In a dream I feed a crow corn from my hand, and I hear him laugh and talk as he scratches with one foot. His eyes look gold and I see the ground below, many feet below, and the tops of fir trees and ridges in the foothills of the mountain. Air is cool and lifts the skin on my breast, pulls back my hair and raises tiny bumps I can feel standing up from inside.
The next day I see crows everywhere. First in the yard with their crooked gait, watching me watching them from the corners of my eyes. They’re pretending to eat. Later, crossing low in front of the car and once even, lying struck dead by the side with feathers and flesh tangled and matted and the sight makes me cry within.
I don’t care that the crow has become popular, for movies or bookstore names, or for malevolent or shady characters. I walk on the brick boulevard in town and feel crow light on my shoulder, and I laugh, that this is like a parrot on a pirate but no one can see, and no one would believe I am anything but nuts.
It has not always been crow and I have not been home for long. As a girl I tied feathers in my hair, probably illegal now, and tied long grasses into braids that became filled with the energy of the earth, as I sat beneath trees, and listened to the still sighing of my mother. I danced to drums and felt a heartbeat that rode my own, together, together, as one.
For a time I was distant, forgetting but never breaking the one beating heart. A drumming constant rhythm that would lead me back like a path of popcorn I followed home by listening. I came back and with such relief I was embraced. A book fell off a shelf into my hands and said, now never forget. A blue goddess shone over my bed and left me a long stemmed white translucent flower that felt like cold silk. I was hearing rivers speak again and finding ancestors in dreams.
When I was a young girl I felt this growing inside like the growth of a huge beautiful sunflower, pushing away grass and soil and thrusting its face upward with no hesitation, unyielding and unafraid. This energy made me a little blind. I walked into traps I hadn’t seen because I had been looking up. I was drugged, assaulted, cut and nearly stabbed, and when I finally turned my face down, I saw that my head was already hanging quite low, and hiding. It was then that I left home and started settling for what was only under my nose.
Now I come back, after having found in someone’s eyes a reflection of the earliest time I can remember. In them I see ancient history and all that I have ahead of myself. Together we raise our daughter, and now, I come back as a woman who knows love, and a woman who has looked inside her womb and has seen the purest sanctity of life.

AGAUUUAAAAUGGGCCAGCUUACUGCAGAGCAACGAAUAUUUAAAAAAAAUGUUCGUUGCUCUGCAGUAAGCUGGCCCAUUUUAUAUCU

This traveling back has gone full circle and continues upward in a spiral. I have come back as a woman now, a mother, and my daughter is now the age I was when my own mother died. She drew a picture of god when she was three, a large smiling face that floated over an ocean, and she said it wasn’t a he or a she. She knows one grandparent prays to a man on a cross whose name is Jesus, and two grandparents are Jewish and they call god, “Adonai”. Most people would complain that a child needs a religion, a place where all can be explained to her and her own spirituality can be held safe in their hands. They would argue that she needs a context of faith and belief, miracles or social oppression that join a people together. But I look at my daughter and see a gorgeous spirit that already knows, that is already joined to others, and with wings waiting to fly.
My own mother was supposedly a devout Catholic, and I am sure that some of my appreciation for ritual comes from the Church. But I don’t remember my mother telling me Bible stories or teaching me written prayers recited in monotone. I remember her showing me the moon in its different phases, sitting under trees by Black-eyed Susans listening to the underneath, reading me stories of raven and turtle, and sharing what she could of old traditions.
I don’t teach names to my daughter but we celebrate the seasons, and no child young enough needs to be told that animals have souls. What is most precious to me about my religion is experiencing the beauty, the spirit, of nature. It is the one beating heart that when I listen, tells me none of us are ever alone.
I am grateful every day, that I wake up and fall asleep with the sun and the moon rising and setting within me. That a child may feel god within her, and see the divine in all that she sees, is a gift more precious than gold. That she may feel her heart beating with the heartbeat of the earth and with the rest of humanity, is the truest peak of religion, whether in a religion taught by a grandparent, or one learned by herself. I am grateful every day, that our hearts may be as children’s, embraced, joined together, and never breaking.
And as I listen sideways to crow, what I hear is this scratching ability to look into and see the depths of things. With eyes like lasers, vision cuts straight into the center and finds peace, at home, in one heart.
Originally published in New Thought Journal, Fall 1997
© Nellie Levine